Referee whistles: FOUL! You are not showing respect for Dan’s feelings. Failure to be kind.

“I was too sick,” he said.

“Write down what you want me to get for you from CVS,” I said, tossing him a sticky note pad.

He wrote.

I grabbed the sticky note from him and hurried off.

 Referee whistles: FOUL! You should have made sure the note provided all the information you needed. Failure to ask for clarification.

I entered the store, walked to the over-the-counter meds area, took out Dan’s note, and read it.

I was sharp enough to realize he had not written down the medication’s brand name but rather the active ingredient in that medication.

I was not sharp enough, however, to understand why he would do a dumb thing like that.

Referee whistles: FOUL! Warning! You are losing your cool.

I scanned 5 shelves and scowled at 200 boxes, searching for one that declared in tiny print: active ingredient Loperamide 2 mg.

Referee whistles: FOUL! Second warning! You are losing your cool.

I alternated between looking at the shelves and looking at my watch. At the rate I was going, I would not make it to my lunch date on time.


Referee whistles: FOUL! You have lost your cool.

 I marched myself over to the pharmacy desk and asked if someone could help me.

“I’ll be right with you,” said a slow-moving girl in a blue jacket.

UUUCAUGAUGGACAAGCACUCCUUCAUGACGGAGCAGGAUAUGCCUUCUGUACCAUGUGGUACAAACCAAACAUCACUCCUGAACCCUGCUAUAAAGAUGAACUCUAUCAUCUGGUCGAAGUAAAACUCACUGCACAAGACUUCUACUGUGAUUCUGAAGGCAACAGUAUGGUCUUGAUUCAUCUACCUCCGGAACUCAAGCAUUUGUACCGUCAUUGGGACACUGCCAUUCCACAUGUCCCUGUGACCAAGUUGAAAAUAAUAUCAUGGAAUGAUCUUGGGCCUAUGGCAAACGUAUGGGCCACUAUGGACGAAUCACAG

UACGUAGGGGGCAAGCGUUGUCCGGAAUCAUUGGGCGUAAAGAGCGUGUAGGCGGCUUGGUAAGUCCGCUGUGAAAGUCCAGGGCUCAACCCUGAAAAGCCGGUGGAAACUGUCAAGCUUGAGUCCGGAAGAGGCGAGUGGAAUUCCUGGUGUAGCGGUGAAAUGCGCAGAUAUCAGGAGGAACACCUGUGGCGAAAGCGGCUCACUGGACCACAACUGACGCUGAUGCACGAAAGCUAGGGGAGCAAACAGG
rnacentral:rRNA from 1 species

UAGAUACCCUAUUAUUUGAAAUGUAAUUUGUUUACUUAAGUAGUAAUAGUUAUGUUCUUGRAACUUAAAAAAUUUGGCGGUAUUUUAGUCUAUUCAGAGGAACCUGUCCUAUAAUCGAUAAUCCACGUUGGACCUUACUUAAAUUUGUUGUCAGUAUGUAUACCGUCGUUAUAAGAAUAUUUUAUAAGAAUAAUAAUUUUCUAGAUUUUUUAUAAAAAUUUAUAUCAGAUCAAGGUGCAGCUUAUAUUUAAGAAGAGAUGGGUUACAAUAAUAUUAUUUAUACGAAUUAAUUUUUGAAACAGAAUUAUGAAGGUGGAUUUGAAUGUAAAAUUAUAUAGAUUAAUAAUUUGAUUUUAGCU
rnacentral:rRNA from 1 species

I didn’t have time to wait on her all day, so I called Dan on the phone.

“Dan,” I said. “Why in the world didn’t you put the brand name of the medicine you wanted on this note?”

Referee whistles: FOUL! You should have used a softer tone of voice. Failure to be kind.

“Because I didn’t want you to buy the brand name. I wanted you to buy the generic. It’ll be cheaper.”

“Did you really think Loperamide 2 mg would mean anything to your wife, who is not a retired pharmacist?”

Referee whistles: FOUL! You should have used a softer tone of voice. Failure to be kind.

“It’s Imodium,” he said.

At that moment the girl from the pharmacy sauntered over to me

“I need this!” I said, flashing the note in front of her eyes.

“That’s Imodium,” she said.

“So I hear.”

I bought the Imodium, drove home, and tossed the CVS sack onto the bed beside Dan.

“Now I’m going to be late meeting Mary Kay for lunch!” I said.

Referee whistles: FOUL! You did not mention your lunch date earlier. You should not have mentioned it now. Failure to play fairly.

“I didn’t know you were getting ready to go out. I’m sorry.”

“It’s okay,” I said. “It’s not a big deal.”

Referee whistles: FOUL! It is a big deal. Failure to be honest.

I replayed this experience in my mind as I drove to meet Mary Kay. Realization dawned. I had learned something during this brief exchange.

The reason why ballgames drag on forever is the fault of those referees with their infernal whistles.


I have had a nasty cold. For the past three days I have coughed so hard I thought I would rip my throat open. I’ve seen the doctor now and am on my way to recovery.

Thursday night I stayed awake all night coughing uncontrollably.

In the past if I had missed a full night of sleep, I would have had to get up the next morning at the usual time and either start taking care of my kids or start making arrangements to miss work.